The job of the actors is to embody these historical statements and make them living and real. A musician frames the various scenes with occasional folk songs and spirituals, accompanied simply on acoustic guitar. The marvel of the play is how its historical sources are blended into a playscript that is so stageworthy and powerful. Director Charles Maryan is overseeing some additions to the music from the original production, but the play’s text-a time tested classic-will be unchanged, except for the barest minimum of updates. Duberman has learned by experimentation not to mess with a play that already has an infallible resonance.

LR: actor Art McFarland, playwright Martin Duberman, actor Joanna Rhinehart. Photo by Jonathan Slaff.

The New Federal Theatre’s Woodie King Jr. stresses that the play illustrates the historical background of injustices which are now getting so much attention again. He explains, “I am producing the 50th anniversary production of ‘In White America’ because it’s like watching history repeat itself.

Duberman’s research was 50 years ahead of its time. The play actually shows that American History and African American History are really one story.” He adds, “The late Gloria Foster and Moses Gunn (who starred in the original production) were great friends and supporters of New Federal Theatre.”

The actors are Blair Baker, Ezra Barnes, Art McFarland, Joanna Rhinehart, Bill Tatum, Shane Taylor and Bill Toles.

It is interesting to note that Art McFarland, who appeared for 30 years as a newscaster on WABC-TV, began as an actor and has returned to the stage since his retirement from New York’s Channel 7. Charles Maryan directed him as Jean in a Juilliard production of Strindberg’s “Miss Julie” about 40 years ago. McFarland’s characters in the play will include Walter White, Jordan Anderson, Nat Turner, Frederick Douglass, Booker T. Washington and Father Divine.

Scenic design is by Chris Cumberbatch. Costume design is by Gail Cooper-Hecht. Lighting design is by Shirley Prendergast. Musical arrangements are by Bill Toles.

Martin Duberman grew up near New York City and earned a B.A. from Yale in 1952 and a Ph.D. from Harvard in 1957. He taught American history at Yale until 1962, then taught for nine years at Princeton. In 1971, he became a Distinguished Professor of History at CUNY’s Lehman College. With the rise of the gay liberation movement, he became a gay activist and incorporated queer issues into his writing. Much of his body of work deals with radical outsiders and their experiences. His other theatrical works include plays on Jack Kerouac and Emma Goldman and drama criticism for Partisan Review and others.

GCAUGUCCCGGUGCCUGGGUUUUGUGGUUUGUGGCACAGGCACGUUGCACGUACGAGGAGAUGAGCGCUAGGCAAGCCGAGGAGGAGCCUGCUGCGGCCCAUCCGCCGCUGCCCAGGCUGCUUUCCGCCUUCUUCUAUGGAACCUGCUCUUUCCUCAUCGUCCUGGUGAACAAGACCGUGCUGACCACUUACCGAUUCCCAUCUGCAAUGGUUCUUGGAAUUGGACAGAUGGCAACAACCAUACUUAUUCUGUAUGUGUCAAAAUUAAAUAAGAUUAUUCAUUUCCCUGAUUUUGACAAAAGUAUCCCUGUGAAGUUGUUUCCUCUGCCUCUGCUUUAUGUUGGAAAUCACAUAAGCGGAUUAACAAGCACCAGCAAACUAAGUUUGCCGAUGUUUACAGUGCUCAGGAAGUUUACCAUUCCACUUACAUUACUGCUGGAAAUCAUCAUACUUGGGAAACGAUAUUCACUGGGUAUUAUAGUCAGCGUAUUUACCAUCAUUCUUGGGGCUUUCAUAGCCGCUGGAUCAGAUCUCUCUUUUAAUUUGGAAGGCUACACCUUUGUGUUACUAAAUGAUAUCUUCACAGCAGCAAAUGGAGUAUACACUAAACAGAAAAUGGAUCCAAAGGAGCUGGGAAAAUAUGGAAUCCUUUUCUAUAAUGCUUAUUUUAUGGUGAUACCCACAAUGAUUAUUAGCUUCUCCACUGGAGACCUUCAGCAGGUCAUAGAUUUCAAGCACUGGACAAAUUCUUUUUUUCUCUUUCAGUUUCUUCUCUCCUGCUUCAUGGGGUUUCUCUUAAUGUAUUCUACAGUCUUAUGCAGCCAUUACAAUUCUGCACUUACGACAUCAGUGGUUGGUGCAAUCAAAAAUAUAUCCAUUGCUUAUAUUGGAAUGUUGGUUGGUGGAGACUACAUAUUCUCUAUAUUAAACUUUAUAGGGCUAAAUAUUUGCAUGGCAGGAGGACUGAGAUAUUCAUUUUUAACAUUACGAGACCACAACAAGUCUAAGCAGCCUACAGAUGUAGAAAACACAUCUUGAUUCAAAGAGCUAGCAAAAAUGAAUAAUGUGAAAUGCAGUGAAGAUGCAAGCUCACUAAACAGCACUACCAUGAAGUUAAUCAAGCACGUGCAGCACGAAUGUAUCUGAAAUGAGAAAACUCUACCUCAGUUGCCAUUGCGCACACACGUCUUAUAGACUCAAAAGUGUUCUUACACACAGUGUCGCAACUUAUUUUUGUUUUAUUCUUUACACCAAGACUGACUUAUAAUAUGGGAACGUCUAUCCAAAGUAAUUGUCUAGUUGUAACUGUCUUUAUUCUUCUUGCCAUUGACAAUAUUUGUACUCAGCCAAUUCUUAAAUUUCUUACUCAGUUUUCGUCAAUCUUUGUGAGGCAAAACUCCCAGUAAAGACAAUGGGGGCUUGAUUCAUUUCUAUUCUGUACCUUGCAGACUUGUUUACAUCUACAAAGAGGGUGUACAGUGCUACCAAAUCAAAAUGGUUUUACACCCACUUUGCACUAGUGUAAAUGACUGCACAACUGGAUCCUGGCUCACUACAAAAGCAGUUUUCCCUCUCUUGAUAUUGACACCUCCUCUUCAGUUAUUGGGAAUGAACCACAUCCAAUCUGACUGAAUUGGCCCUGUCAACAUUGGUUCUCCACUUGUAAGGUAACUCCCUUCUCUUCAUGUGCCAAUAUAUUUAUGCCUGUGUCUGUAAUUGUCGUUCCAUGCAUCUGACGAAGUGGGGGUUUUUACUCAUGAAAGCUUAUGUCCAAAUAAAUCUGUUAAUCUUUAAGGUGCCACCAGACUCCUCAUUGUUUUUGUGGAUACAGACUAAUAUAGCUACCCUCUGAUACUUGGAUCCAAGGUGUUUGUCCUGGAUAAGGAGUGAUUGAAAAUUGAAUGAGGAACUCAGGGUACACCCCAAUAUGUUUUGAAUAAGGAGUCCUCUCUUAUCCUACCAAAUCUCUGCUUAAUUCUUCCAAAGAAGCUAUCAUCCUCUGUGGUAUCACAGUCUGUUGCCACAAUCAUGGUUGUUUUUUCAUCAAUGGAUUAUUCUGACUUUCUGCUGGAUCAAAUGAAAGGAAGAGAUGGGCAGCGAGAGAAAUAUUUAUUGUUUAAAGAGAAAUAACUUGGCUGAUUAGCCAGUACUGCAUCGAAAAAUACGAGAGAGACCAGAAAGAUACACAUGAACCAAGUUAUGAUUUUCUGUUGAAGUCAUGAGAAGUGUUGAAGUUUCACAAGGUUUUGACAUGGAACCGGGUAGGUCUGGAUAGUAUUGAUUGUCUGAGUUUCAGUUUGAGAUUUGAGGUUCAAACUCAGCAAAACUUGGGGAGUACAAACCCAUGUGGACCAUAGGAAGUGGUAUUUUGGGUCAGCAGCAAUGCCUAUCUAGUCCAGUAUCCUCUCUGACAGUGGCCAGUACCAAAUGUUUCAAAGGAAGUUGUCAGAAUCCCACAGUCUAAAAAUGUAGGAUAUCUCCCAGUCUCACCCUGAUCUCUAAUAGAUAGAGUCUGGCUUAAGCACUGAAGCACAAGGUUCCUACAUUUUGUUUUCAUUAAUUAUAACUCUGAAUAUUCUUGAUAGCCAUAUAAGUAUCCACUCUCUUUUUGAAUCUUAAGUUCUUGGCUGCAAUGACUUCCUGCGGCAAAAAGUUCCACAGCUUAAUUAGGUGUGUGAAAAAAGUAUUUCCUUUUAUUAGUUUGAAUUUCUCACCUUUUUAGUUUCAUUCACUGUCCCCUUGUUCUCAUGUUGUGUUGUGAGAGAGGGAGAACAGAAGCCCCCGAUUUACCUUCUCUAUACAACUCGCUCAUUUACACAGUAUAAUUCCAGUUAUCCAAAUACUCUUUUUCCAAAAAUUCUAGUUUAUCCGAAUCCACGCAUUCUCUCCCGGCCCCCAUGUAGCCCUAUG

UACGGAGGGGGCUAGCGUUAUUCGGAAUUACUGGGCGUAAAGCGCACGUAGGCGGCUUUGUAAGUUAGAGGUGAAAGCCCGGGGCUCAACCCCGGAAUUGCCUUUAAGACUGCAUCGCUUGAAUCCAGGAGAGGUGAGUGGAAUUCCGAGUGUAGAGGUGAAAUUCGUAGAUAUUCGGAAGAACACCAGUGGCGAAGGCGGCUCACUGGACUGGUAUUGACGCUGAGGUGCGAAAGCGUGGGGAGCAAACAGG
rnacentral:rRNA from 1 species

His over 30 books include a biography of Paul Robeson and the anthology “Hidden from History: Reclaiming the Gay and Lesbian Past” (1989), which won two Lambda Awards. Many of his essays and book reviews are collected in “The Uncompleted Past” (1969). In recent years, his output is undimmed. His newest books include “Waiting to Land: A (Mostly) Political Memoir” (2009), “A Saving Remnant: The Radical Lives of Barbara Deming and David McReynolds” (2011), “The Martin Duberman Reader” (2013) and “Hold Tight Gently: Michael Callen, Essex Hemphill, and the Battlefield of AIDS” (2014), which won the Lambda Literary Award for the best book of the year in non-fiction. His next book, “Jews/Queers/Germans,” will be published in 2016. Duberman has been a finalist for both the Pulitzer Prize and the National Book Award and has won an Award for Scholarly Distinction from the American Historical Association. His contributions to literature have garnered him a special award from the National Academy of Arts and Letters.